Reversing a long-held position, the Department of Veterans Affairs now says Air Force reservists who became ill after being exposed to Agent Orange residue while working on planes after the Vietnam War should be eligible for disability benefits.
The VA said it has been working to finalize a rule that could cover more than 2,000 military personnel who flew or worked on Fairchild C-123 aircraft in the U.S. from 1972 to 1982. Many of the Vietnam-era planes, used by the reservists for medical and cargo transport, had sprayed millions of gallons of herbicide during the 1955-1975 military conflict in Southeast Asia.
If the White House Office of Management and Budget approves the change, it would be the first time the VA had established a special category of Agent Orange exposure for military personnel without “boots on the ground” or inland waterways service in Vietnam. That could open the VA to renewed claims by thousands of other veterans who say they were exposed to Agent Orange in less direct circumstances, such as on the open sea.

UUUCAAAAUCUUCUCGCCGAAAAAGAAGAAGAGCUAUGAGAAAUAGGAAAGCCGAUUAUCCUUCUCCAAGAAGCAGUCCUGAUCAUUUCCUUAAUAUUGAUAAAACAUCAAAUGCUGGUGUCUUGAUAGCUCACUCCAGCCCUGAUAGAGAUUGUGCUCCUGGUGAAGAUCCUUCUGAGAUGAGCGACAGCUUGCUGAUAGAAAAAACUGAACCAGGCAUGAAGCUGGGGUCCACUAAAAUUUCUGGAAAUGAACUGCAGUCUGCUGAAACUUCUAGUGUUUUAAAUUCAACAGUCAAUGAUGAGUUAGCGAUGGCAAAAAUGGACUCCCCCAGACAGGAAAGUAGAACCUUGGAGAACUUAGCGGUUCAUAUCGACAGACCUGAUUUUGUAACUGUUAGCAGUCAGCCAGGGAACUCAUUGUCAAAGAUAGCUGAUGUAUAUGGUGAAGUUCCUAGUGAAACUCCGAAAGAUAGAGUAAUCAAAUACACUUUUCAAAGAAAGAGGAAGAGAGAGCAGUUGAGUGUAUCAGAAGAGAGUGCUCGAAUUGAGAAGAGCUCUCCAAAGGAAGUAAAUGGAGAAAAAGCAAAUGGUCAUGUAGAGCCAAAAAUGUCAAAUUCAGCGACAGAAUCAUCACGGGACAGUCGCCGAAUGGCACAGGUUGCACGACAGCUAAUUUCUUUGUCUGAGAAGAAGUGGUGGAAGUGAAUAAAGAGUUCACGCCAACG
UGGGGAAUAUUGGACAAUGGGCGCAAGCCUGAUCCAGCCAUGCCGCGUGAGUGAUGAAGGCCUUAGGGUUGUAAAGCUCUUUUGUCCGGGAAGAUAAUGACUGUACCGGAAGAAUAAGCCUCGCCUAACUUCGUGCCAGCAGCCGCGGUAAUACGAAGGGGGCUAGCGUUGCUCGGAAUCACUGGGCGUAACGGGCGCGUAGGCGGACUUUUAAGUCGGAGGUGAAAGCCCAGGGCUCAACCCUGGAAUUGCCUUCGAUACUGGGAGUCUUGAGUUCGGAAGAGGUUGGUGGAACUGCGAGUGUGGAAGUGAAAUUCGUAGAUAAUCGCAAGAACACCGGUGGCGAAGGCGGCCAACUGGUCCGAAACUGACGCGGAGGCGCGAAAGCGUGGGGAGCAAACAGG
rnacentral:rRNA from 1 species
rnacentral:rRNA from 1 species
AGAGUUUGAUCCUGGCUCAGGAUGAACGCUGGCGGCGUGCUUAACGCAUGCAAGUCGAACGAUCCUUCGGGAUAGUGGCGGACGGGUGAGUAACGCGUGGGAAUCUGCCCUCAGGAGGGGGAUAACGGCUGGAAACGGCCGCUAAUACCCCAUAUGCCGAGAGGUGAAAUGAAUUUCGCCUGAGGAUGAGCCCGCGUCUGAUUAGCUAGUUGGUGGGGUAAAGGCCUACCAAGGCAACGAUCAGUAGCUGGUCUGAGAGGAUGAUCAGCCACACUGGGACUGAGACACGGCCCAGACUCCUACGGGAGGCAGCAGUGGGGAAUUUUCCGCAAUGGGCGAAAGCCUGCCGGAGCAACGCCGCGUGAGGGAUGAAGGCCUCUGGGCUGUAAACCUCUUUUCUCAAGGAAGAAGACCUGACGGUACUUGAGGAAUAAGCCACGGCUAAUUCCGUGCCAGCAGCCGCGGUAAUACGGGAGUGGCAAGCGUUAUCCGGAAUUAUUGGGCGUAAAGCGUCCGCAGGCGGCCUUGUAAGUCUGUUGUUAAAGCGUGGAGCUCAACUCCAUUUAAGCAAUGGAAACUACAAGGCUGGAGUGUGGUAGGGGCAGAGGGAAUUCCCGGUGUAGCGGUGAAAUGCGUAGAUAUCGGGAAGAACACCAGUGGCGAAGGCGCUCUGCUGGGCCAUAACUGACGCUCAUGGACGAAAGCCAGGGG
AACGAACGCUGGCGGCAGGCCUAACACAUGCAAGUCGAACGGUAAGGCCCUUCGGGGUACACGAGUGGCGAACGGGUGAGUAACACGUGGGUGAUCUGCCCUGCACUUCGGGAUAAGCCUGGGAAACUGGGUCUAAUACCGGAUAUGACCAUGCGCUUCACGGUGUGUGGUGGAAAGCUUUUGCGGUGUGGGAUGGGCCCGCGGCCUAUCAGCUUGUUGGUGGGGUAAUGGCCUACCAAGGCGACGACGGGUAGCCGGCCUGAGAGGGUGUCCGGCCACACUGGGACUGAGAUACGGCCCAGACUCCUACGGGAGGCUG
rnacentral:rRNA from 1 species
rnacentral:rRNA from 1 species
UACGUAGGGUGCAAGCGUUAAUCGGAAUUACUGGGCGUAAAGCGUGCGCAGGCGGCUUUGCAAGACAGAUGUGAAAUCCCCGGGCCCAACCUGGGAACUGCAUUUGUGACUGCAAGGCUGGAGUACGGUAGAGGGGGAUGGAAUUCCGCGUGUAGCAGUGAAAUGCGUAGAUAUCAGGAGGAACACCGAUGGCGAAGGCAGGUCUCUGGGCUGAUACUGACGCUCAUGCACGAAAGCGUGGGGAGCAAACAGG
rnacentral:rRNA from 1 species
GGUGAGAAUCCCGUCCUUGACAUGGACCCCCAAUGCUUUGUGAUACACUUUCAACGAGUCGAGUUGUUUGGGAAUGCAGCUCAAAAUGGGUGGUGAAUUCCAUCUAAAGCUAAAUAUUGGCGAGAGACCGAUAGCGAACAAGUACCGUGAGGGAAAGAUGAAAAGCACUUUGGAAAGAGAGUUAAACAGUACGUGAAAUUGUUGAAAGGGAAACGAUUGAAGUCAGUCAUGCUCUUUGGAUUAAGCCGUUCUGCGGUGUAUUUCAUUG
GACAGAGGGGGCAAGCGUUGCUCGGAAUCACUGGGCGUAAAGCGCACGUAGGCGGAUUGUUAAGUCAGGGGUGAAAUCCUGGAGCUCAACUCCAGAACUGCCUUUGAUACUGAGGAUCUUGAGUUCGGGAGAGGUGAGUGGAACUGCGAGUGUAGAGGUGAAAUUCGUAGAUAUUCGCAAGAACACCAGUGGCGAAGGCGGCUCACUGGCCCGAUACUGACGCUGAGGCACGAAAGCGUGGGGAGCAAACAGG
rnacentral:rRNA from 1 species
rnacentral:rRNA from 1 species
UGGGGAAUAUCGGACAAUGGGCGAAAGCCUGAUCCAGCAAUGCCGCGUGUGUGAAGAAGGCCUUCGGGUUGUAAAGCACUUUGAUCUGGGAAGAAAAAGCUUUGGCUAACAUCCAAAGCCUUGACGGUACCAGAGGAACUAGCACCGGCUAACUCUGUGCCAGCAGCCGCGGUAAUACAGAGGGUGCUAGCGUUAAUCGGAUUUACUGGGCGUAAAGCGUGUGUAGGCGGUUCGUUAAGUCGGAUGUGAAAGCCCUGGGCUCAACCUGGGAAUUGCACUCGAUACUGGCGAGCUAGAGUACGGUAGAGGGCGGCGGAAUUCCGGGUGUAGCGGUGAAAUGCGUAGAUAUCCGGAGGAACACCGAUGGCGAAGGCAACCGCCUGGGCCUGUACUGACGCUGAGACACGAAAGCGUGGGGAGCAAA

The announcement is expected as early as this week.
Posted by GPD on June 17, 2015, With 760 Reads Filed under Agent Orange, Health. You can follow any responses to this entry through the RSS 2.0. Both comments and pings are currently closed.